Lead Like a Great Conductor
“[A conductor's] happiness does not come from only his own story and his joy of the music. The joy is about enabling other people’s stories to be heard at the same time.” —Itay Talgam
Many concertgoers are unaware of the critical role that the conductor plays during a performance. Viewed on the podium, most of the conductors work is done in silence with a fluidly moving baton. Of course, much of the conductors work is done before the performance, behind-the-scenes. The great conductors study, memorize, absorb the music, direct rehearsals and interpret a piece in a unique way, making their interpretation full of vitality and emotion. Each conductor is unique in how he or she moves on the podium, direct tempo, lead-ins and musical nuance.
The great conductors are able to transmit the emotional interpretation of a piece and help the musicians understand how to integrate the technical steps necessary to create that musical spirit in a performance, bringing the work to life. Each member of the orchestra responds to the conductor’s gestures and baton movements; they can pick up the cues, tension and passion. When there’s synergy between the conductor and the musicians, there is the opportunity to create great music.
Israeli conductor Itay Talgam shares his fascinating perspective on an approach to leadership by examining the styles of great twentieth century conductors. Talgam’s highlights some surprising characteristics that seem out of step with our traditional view of conductors and leadership in general. He poses the idea that an orchestra conductor faces the ultimate team-leadership challenge — producing precise harmony without saying a word.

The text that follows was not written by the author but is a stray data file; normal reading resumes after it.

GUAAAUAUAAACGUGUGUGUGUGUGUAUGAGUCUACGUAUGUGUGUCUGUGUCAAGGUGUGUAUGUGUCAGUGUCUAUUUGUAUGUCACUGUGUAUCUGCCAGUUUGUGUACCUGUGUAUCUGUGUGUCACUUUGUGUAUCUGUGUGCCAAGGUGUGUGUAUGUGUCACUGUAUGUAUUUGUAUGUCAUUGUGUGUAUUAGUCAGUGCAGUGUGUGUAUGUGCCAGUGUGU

Talgam admits that the success of a great orchestra is reliant on the orchestra musicians playing beautifully, but he also claims that a conductor’s role can make the difference between a good and a great performance. He refers to the orchestra and conductor relationship as a partnership; one where the conductor brings joy to the concert hall and elicits the best from his musicians. In doing so he helps enhance their performance and creates a spirited atmosphere in which they can thrive.
In Talgam’s view clear instructions and compliance from members of the orchestra is insufficient to make up the professional body of the orchestra. He explains that making great music requires: communication, listening, rhythm, technique, preparation, improvisation, interpretation, rehearsal and performance. Some conductors (and managers) achieve compliance but destroy morale.
Talgam sites Riccardo Muti, who missed the mark when it came to motivating musicians. He was skillful at giving precise instructions and sanctions for cuing musicians but his overly controlling style was a turn off at best and offensive at worst to the musicians he led. In his perfectionist mindset, he believed that getting it absolutely right-trumped building joy in his team.
Muti may have been a “great conductor” for those who enjoy seeing perfect compliance between the conductor and the musicians. But having strong technical abilities and a didactic style of leadership failed to inspire the musicians to shine in a performance as he stifled them from adding any of their own interpretation of the music. He was essentially knocked off his pedestal when all 700 of the La Scala, Milan musical employees signed a letter asking him to resign saying “You’re a great conductor. We don’t want to work with you. Please resign.”